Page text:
For-profit higher education in the United States (known as for-profit college or proprietary education in some instances) refers to higher education educational institutions operated by private, profit-seeking businesses. Historically, most colleges and universities in the US have been non-profit, but for-profit institutions rapidly grew in number and size from 1972 to 2009. Although supporters of for-profit higher education have argued that the profit motive encourages efficiency, the for-profit educational industry has received severe negative criticism because of its sales techniques, high costs, and poor student outcomes. In some cases operators of for-profit colleges have faced criminal charges or other legal sanctions.

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  • For-profit higher education in the United States (known as for-profit college or proprietary education in some instances) refers to higher education educational institutions operated by private, profit-seeking businesses. Historically, most colleges and universities in the US have been non-profit, but for-profit institutions rapidly grew in number and size from 1972 to 2009. Although supporters of for-profit higher education have argued that the profit motive encourages efficiency, the for-profit educational industry has received severe negative criticism because of its sales techniques, high costs, and poor student outcomes. In some cases operators of for-profit colleges have faced criminal charges or other legal sanctions. Since 2010, for-profit colleges have received greater scrutiny and negative attention from the US government, state Attorneys General, the media, and scholars. In 2016, research by Treasury Department economist Nicholas Turner and George Washington University economist Stephanie Riegg Cellini found that students who attended for-profit colleges would have been better off not going to school, or attending a community college. The National Bureau of Economic Research paper was based on an analysis of 567,000 students who attended for-profit colleges from 2006 to 2008. More than 80% carried student loan debt. The Department of Veterans Affairs has also reported that veterans using the GI Bill for education submitted more complaints about for-profit colleges, particularly University of Phoenix, ITT Technical Institute, Devry University, and Colorado Technical University, than their public or private non-profit counterparts. The advocacy group the Debt Collective has created its own, unofficial "Defense to Repayment App" that allows former students of schools accused of fraud to pursue debt cancellation. The applications generated through the Debt Collective's online form was cited by the Department of Education in a Federal Register notice, which said that "a need for a clearer process for potential claimants" arose due to the submission of over 1000 defense to repayment claims by "a building debt activism movement." (en)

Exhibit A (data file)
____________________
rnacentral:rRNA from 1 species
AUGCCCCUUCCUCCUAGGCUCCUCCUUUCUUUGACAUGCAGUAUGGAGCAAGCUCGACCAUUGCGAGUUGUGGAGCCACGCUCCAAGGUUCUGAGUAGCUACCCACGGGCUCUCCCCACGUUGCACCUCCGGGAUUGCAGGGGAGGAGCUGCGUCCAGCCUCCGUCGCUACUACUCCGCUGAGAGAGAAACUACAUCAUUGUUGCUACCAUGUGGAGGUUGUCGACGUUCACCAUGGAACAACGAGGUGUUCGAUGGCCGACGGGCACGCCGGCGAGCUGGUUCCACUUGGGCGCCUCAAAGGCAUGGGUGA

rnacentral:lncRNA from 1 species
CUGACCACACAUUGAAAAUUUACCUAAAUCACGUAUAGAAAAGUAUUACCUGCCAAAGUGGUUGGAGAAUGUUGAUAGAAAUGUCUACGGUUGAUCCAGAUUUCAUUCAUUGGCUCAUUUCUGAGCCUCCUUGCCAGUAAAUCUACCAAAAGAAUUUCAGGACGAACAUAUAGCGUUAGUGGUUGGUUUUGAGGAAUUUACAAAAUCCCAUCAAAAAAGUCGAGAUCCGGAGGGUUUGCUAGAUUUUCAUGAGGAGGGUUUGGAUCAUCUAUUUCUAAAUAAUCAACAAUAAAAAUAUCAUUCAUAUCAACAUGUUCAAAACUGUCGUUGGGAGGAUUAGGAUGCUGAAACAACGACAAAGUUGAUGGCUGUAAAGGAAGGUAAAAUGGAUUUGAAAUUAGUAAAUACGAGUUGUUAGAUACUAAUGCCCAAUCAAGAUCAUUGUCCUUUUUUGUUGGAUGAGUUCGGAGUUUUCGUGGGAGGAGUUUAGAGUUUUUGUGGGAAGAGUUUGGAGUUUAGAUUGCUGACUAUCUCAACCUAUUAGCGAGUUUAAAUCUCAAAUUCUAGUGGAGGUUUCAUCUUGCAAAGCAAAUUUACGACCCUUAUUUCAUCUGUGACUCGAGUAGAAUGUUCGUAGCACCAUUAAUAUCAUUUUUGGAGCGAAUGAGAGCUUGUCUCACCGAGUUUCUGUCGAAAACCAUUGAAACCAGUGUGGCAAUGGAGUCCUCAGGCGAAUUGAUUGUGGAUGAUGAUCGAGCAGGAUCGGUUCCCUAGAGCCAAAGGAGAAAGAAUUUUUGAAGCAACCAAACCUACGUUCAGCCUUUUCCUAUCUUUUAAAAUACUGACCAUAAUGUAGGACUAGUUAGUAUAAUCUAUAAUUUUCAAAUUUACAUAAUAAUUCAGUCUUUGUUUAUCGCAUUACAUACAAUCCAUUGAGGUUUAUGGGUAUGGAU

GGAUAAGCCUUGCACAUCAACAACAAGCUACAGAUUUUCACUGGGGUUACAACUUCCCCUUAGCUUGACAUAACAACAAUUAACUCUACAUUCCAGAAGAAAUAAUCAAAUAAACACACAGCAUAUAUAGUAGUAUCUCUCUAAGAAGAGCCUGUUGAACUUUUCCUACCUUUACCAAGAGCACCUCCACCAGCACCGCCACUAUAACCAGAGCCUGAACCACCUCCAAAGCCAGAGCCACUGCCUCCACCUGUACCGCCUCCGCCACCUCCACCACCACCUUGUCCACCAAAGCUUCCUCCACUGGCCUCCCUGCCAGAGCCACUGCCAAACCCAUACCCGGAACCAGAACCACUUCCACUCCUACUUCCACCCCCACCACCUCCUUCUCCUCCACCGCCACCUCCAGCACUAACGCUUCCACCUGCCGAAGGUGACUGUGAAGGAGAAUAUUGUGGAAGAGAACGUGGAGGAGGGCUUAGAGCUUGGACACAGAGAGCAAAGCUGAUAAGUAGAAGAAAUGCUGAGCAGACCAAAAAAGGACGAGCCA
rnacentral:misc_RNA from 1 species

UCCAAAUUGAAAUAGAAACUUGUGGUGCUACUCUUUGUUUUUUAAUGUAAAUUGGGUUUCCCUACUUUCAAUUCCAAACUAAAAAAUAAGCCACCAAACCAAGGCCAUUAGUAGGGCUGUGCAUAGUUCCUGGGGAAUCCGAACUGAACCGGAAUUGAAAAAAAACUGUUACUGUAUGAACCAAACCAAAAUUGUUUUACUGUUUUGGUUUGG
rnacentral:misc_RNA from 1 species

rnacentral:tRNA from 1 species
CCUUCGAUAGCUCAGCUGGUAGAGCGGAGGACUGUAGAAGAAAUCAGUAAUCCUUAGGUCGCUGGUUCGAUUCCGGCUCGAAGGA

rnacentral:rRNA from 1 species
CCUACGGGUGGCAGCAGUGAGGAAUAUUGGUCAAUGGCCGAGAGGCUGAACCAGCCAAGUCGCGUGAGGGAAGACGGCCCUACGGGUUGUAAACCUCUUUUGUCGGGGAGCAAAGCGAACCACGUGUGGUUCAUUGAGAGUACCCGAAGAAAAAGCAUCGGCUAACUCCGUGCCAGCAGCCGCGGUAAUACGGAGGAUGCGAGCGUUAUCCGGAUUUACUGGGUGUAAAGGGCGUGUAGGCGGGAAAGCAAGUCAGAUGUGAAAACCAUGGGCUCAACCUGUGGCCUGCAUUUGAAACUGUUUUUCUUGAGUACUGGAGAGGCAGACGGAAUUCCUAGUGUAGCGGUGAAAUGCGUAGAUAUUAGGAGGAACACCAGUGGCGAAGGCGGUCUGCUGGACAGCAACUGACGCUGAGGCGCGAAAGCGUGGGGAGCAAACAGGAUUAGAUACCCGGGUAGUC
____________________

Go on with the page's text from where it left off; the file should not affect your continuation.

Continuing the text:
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  • 45041853 (xsd:integer)
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  • 744970061 (xsd:integer)
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  • October 2015
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  • So what? Explain--in neutral and informative language.
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  • For-profit higher education in the United States (known as for-profit college or proprietary education in some instances) refers to higher education educational institutions operated by private, profit-seeking businesses. Historically, most colleges and universities in the US have been non-profit, but for-profit institutions rapidly grew in number and size from 1972 to 2009. Although supporters of for-profit higher education have argued that the profit motive encourages efficiency, the for-profit educational industry has received severe negative criticism because of its sales techniques, high costs, and poor student outcomes. In some cases operators of for-profit colleges have faced criminal charges or other legal sanctions. (en)
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  • For-profit higher education in the United States (en)
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